Ultimately, every ominous element is here: the crucifix and garlic as antidotes to the blood-hungry vampire, the mirror empty of an image, the wooden stake that must be driven into the palpitating heart before the coming of the dawn. Familiar as they are, these touchstones continue to fascinate. The audience clutches at each remembered clich as a fortress against the unexpected. Among the more felicitous dramaturgical devices is the flashback that occurs from the diary of Harker, the first to fall victim to the Count's evil spell. As Harker's fiance, Mina, reads of his descent into madness, the Count's castle looms up from the mists to depict in three dimensions the young man's dreadful encounters with his ancient host.
Of course, our credulity has its limits, and contemporary fashion leaves us longing for quicker solutions in the second act, as the baroque developments evolve ever so tediously. Thrilling as it is to be transported to a previous era, it begins to feel like we're reliving every nook and cranny of the Victorian epoch. Dramaturgy has progressed in the past hundred years, but Dietz is prisoner to his faithful conceit.
The settings by Bill Forrester amaze, although they occasionally roll noisily off. The costumes by David Kay Mickelsen are so perfect, we understand the philosophy of the age from every swish of the cape. The lighting by Don Darnutzer shifts subtly or dramatically as needed.
But the triumph of the technical production is the astonishing score by Roberta Carlson, which blends so well with Jeff Ladman's eerie sound effects that a world of terror is evoked beneath our consciousness.
David Pichette is giving what is simply the best performance of the season as Renfield. His eyes darting like hummingbirds from his sockets, his wild hair astray, his bony chest displayed, he embodies madness. He makes one almost understand why Renfield finds those insects so delicious. Pichette's is an appalling performance you won't soon forget. Benjamin Livingston brings a vulnerable virility to the role of Dr. Seward that makes him the perfect foil for the fiend. Peter Silbert sputters a bit too much as the raisonneur Van Helsing, who voices the central theme of the work, but the writing may be partly to blame. Suzanne Bouchard and Britt Sady enliven their ingnues with strength and intelligence, endowing these frail maidens with a touch of feminism that helps to puncture the masculine egos.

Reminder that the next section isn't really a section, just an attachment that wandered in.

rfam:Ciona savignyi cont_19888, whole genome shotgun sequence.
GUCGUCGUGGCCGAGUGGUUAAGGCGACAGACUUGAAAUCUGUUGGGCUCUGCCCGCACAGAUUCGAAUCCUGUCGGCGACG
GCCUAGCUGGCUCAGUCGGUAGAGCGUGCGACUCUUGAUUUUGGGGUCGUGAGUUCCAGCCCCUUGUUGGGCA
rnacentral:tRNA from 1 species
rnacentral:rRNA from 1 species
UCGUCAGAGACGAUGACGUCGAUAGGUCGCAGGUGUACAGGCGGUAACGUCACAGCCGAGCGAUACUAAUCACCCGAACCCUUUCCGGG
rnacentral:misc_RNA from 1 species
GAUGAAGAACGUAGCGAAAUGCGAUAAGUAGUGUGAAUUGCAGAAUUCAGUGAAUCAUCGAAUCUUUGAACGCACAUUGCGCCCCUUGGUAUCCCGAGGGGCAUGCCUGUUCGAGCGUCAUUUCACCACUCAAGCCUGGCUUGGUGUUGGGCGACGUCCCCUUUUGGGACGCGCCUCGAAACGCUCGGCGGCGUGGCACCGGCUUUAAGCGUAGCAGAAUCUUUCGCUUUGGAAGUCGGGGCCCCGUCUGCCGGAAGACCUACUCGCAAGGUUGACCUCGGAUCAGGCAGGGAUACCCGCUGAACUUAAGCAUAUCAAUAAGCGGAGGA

Patrick Page is a Dracula who measures up to myth. Tall and lithe as a young man rejuvenated by his bloody conquests, he is a commanding, sensual master of evil. His aquiline features sneer at the ordinary, and the seductive swirl of his cape is like the pass of a matador. In the flashback scenes, he is an ancient cohort of Attila. Transformed by miraculous makeup, he becomes a scabrous ghoul, with talons, fangs and a mane that reminds us of the ghastly fact that hair and nails continue to grow after we are dead. His performance is so riveting that you will believe without hesitation that it is the otherworldly power of the vampire that causes a wine glass to be suspended midair as he replenishes it from the bottle.
One might legitimately quarrel that in this age of AIDS, it is somewhat insensitive to celebrate a thriller so centered on blood, when it eschews any meaning with a redeeming social consequence. Can we any longer afford a theatre that is only entertainment? With escapism rampant in films and television, shouldn't we expect a higher level of engagement from the theatre? Perhaps. But the nightmares of childhood persist beneath the surface of our smug rationality, and here is an undying tale that you can really sink your teeth into. It may not be nourishing, but it is delicious.
Marshall W. Mason has won six Obie Awards for directing work by playwrights Tennessee Williams, Lanford Wilson and Jules Feiffer. He is now a full professor of theatre at Arizona State University.